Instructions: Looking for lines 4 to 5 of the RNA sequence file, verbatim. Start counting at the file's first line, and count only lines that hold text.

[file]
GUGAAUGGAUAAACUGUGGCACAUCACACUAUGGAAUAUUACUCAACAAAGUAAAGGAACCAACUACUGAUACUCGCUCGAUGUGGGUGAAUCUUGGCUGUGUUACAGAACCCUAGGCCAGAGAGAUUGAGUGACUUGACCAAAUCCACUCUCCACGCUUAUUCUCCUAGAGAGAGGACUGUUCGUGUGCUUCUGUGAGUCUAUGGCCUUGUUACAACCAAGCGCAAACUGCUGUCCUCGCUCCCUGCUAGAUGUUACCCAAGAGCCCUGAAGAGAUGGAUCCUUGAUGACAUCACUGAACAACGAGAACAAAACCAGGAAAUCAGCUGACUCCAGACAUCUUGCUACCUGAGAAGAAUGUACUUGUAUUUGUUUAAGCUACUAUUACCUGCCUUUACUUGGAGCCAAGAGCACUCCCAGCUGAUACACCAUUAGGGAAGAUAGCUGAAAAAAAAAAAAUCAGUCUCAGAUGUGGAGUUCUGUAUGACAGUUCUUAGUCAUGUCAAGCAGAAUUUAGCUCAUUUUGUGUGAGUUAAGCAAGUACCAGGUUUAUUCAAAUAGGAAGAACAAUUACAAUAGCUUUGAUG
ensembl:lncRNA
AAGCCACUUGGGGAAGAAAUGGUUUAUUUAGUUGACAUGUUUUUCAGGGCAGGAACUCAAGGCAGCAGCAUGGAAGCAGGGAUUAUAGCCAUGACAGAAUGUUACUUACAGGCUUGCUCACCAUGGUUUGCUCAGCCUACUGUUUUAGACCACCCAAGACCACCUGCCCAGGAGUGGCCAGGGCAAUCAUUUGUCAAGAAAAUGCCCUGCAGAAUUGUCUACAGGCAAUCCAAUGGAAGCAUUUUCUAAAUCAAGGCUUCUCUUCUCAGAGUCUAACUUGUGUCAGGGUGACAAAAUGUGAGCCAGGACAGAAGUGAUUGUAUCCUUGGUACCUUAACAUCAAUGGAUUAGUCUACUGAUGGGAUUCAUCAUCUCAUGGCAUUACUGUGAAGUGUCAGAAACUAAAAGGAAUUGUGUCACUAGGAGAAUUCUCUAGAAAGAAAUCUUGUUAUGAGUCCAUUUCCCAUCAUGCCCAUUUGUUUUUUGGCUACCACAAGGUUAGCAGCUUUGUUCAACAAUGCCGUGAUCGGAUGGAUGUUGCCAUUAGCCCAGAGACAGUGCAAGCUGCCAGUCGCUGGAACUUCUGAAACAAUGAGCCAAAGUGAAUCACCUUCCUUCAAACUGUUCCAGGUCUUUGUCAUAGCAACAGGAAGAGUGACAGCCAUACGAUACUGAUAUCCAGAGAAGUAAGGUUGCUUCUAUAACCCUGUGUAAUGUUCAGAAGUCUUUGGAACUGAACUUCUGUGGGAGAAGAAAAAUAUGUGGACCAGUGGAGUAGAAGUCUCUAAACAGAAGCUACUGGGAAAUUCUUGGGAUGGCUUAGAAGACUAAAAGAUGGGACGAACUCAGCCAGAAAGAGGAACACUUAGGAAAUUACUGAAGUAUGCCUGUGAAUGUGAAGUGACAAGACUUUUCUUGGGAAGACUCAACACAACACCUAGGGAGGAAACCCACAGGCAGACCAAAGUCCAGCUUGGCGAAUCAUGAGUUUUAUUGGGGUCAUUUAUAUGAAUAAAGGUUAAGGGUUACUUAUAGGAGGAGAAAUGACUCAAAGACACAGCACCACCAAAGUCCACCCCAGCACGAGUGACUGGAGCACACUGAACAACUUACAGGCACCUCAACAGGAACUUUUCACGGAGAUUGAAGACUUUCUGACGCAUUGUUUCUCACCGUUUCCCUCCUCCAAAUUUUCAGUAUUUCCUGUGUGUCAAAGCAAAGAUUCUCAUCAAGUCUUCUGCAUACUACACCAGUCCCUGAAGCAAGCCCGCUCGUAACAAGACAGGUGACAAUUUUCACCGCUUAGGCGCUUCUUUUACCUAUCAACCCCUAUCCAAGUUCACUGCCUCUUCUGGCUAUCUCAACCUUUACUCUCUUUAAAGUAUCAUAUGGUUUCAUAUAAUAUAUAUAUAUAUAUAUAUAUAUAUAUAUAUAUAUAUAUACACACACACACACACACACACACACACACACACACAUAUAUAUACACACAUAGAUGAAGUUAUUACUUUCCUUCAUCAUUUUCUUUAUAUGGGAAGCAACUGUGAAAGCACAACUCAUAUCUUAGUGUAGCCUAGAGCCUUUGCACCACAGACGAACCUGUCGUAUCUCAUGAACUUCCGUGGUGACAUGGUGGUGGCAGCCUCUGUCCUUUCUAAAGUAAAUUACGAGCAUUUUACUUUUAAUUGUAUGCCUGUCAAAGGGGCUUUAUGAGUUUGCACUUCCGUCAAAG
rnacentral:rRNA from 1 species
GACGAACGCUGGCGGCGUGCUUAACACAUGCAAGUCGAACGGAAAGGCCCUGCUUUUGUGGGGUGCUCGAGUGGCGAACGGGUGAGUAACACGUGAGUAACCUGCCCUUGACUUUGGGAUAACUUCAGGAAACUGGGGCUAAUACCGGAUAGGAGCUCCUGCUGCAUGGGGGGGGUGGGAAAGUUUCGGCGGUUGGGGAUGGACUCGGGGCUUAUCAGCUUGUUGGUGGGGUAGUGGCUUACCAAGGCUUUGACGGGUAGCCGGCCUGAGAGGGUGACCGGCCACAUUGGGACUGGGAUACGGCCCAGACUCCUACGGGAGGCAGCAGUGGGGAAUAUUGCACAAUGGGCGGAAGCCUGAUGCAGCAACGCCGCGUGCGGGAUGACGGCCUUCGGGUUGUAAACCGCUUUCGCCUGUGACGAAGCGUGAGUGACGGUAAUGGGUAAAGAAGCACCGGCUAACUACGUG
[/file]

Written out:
rnacentral:rRNA from 1 species
GACGAACGCUGGCGGCGUGCUUAACACAUGCAAGUCGAACGGAAAGGCCCUGCUUUUGUGGGGUGCUCGAGUGGCGAACGGGUGAGUAACACGUGAGUAACCUGCCCUUGACUUUGGGAUAACUUCAGGAAACUGGGGCUAAUACCGGAUAGGAGCUCCUGCUGCAUGGGGGGGGUGGGAAAGUUUCGGCGGUUGGGGAUGGACUCGGGGCUUAUCAGCUUGUUGGUGGGGUAGUGGCUUACCAAGGCUUUGACGGGUAGCCGGCCUGAGAGGGUGACCGGCCACAUUGGGACUGGGAUACGGCCCAGACUCCUACGGGAGGCAGCAGUGGGGAAUAUUGCACAAUGGGCGGAAGCCUGAUGCAGCAACGCCGCGUGCGGGAUGACGGCCUUCGGGUUGUAAACCGCUUUCGCCUGUGACGAAGCGUGAGUGACGGUAAUGGGUAAAGAAGCACCGGCUAACUACGUG